I’m looking forward to seeing some familiar faces from Nairobi at the writing workshop being hosted by ALiGN Media Lab at Carleton University. I met several of the participants when I interviewed them last August in Nairobi. They have some incredibly powerful stories to tell. Has digital media ever helped you tell an important story?
Carleton University’s School of Journalism & Communication and the ALiGN Media Lab will be co-hosting a book launch for my second book, Punching and Kicking, on Friday Nov 30th @2:30pm. If you’d like to attend, register here!
To read an interview I did with Carleton’s School of Journalism and Communication, click here.
The Montreal Review of Books (mRb) recently reviewed my second book, Kicking and Punching: Leaving Canada’s Toughest Neighbourhood. If you’d like to checkout the review, click here.
Carleton’s School of Journalism and Communication recently interviewed me about my next book, to be released soon. Check it out below!
Vehicule Press has just released it’s 45th anniversary Spring/Summer 2018 catalogue (pg 12), and I’m happy to announce that Punching and Kicking, the sequel to my first book With a Closed Fist, will be hitting all of the major bookstore shelves May 2018.
This week is Freedom to Read Week, an annual event that encourages Canadians to think about and reaffirm their commitment to freedom of expression and intellectual freedom, guaranteed under the Charter of Rights and Freedoms.
Carleton University has a series of events planned throughout the week; As the author of a challenged book, Kathy will be kicking off Carleton’s ‘Readings from Banned and Challenged Materials’ event by reading from her book With a Closed Fist. Members of the Carleton community will also be reading from other challenged and/or banned books.
Check it out Feb 24th, in the Main Floor Reading Room (lvl 2) of Carleton’s MacOdrum Library Main Reading Room @ 12:00pm.
Hope to see you there!
From Carleton’s School of Journalism and Communication News page:
“A book written by PhD student Kathy Dobson, in the School of Journalism and Communication, will be the focus of a panel at the How Class Works – 2016 conference at Stony Brook, New York, this coming June.
The panel, “Writing the Class Out of Poverty: Autobiography, Gender and Consciousness in With a Closed Fist: Growing up in Canada’s Toughest Neighbourhood,” was proposed by Dr. Herbert Pimlott, a professor in the department of communication at Wilfrid Laurier University in Waterloo.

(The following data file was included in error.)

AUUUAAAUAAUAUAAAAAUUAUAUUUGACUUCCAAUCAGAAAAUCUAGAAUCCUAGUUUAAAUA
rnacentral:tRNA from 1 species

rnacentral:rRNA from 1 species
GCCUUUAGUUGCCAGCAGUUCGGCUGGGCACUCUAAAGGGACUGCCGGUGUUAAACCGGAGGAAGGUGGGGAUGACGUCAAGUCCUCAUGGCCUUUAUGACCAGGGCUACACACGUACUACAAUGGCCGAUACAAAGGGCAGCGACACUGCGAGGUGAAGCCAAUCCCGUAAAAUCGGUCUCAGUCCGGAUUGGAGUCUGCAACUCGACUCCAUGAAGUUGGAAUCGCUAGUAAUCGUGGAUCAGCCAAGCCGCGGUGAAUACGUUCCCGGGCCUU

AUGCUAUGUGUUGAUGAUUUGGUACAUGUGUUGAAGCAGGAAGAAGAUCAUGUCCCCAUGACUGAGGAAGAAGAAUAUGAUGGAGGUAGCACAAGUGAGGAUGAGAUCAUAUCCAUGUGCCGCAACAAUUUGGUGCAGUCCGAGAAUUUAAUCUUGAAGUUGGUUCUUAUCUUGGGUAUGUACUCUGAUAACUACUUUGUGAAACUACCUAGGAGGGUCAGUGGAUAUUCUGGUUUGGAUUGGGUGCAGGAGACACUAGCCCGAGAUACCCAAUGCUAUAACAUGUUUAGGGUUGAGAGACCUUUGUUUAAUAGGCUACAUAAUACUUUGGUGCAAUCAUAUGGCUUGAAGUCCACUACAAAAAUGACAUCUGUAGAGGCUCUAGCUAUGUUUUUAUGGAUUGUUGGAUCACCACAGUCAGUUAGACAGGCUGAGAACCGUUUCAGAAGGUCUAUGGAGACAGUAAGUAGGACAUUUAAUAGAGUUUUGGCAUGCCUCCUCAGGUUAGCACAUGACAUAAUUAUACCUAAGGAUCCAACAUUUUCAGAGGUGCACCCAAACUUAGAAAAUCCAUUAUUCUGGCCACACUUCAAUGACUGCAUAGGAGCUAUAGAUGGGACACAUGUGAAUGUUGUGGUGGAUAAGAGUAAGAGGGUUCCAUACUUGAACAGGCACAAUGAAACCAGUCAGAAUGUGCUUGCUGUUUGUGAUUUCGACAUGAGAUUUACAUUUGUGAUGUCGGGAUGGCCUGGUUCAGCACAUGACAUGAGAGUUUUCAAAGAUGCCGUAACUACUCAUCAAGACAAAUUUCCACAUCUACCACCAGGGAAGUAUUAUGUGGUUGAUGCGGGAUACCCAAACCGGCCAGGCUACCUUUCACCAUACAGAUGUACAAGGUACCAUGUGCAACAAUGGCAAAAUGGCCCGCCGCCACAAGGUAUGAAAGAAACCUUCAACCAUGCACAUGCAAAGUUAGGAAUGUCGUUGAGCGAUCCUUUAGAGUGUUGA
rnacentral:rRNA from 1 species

The panel will be addressing the themes of class and culture, and race, gender, power, and social structure. Presentations will introduce and discuss Dobson’s 2011 memoir, which provides an account of the challenges facing a poor family headed by a single mother on welfare in Montréal in the late 1960s from the perspective of an eight-year-old child.
Dr. Pimlott says Dobson’s memoir is both an exemplar of the long tradition of the classic working-class cultural form, the autobiography or memoir, and a unique perspective of telling the story of growing up poor without judgment.
“This presentation will position Dobson’s memoir within the larger tradition of working-class writing in the Canadian context, and with reference to developments in working-class writing since the 1970s, including references to particular writers, such as Helen Potrebenko and her 1975 novel, Taxi,” says Dr. Pimlott.
The presentation will also argue that Dobson’s work is significant because it illustrates the issues that fuel divisions within the poor in a large city but also implicitly addresses the issue of whether the poor can be considered a separate category to or part of the working class, as Michael Zweig, Jack Metzgar and others have considered.
Kathy Dobson is looking forward to discussing her current research in an additional panel, where she will be presenting a paper on how people living in poverty are represented on social media.”
Kathy was a guest on CBC Ottawa Morning on November 9th (2015).
She was interviewed after she was awarded a Vanier Scholarship. The segment, How are Canada’s poor being misrepresented?, highlights the focus of her research as a PhD student at Carleton University.
Kathy discuses her research into ‘poor bashing’ and the narratives that are told about those living in poverty. Part of her research focus is on how the poor are portrayed in the news media, social media and government reports, and how these shape and influence the public’s perception of those living in poverty, as well as how these portrayals ‘shame and blame’ those who have lived or continue to live in poverty- the impact these portrayals have on the victims of poverty in Canada.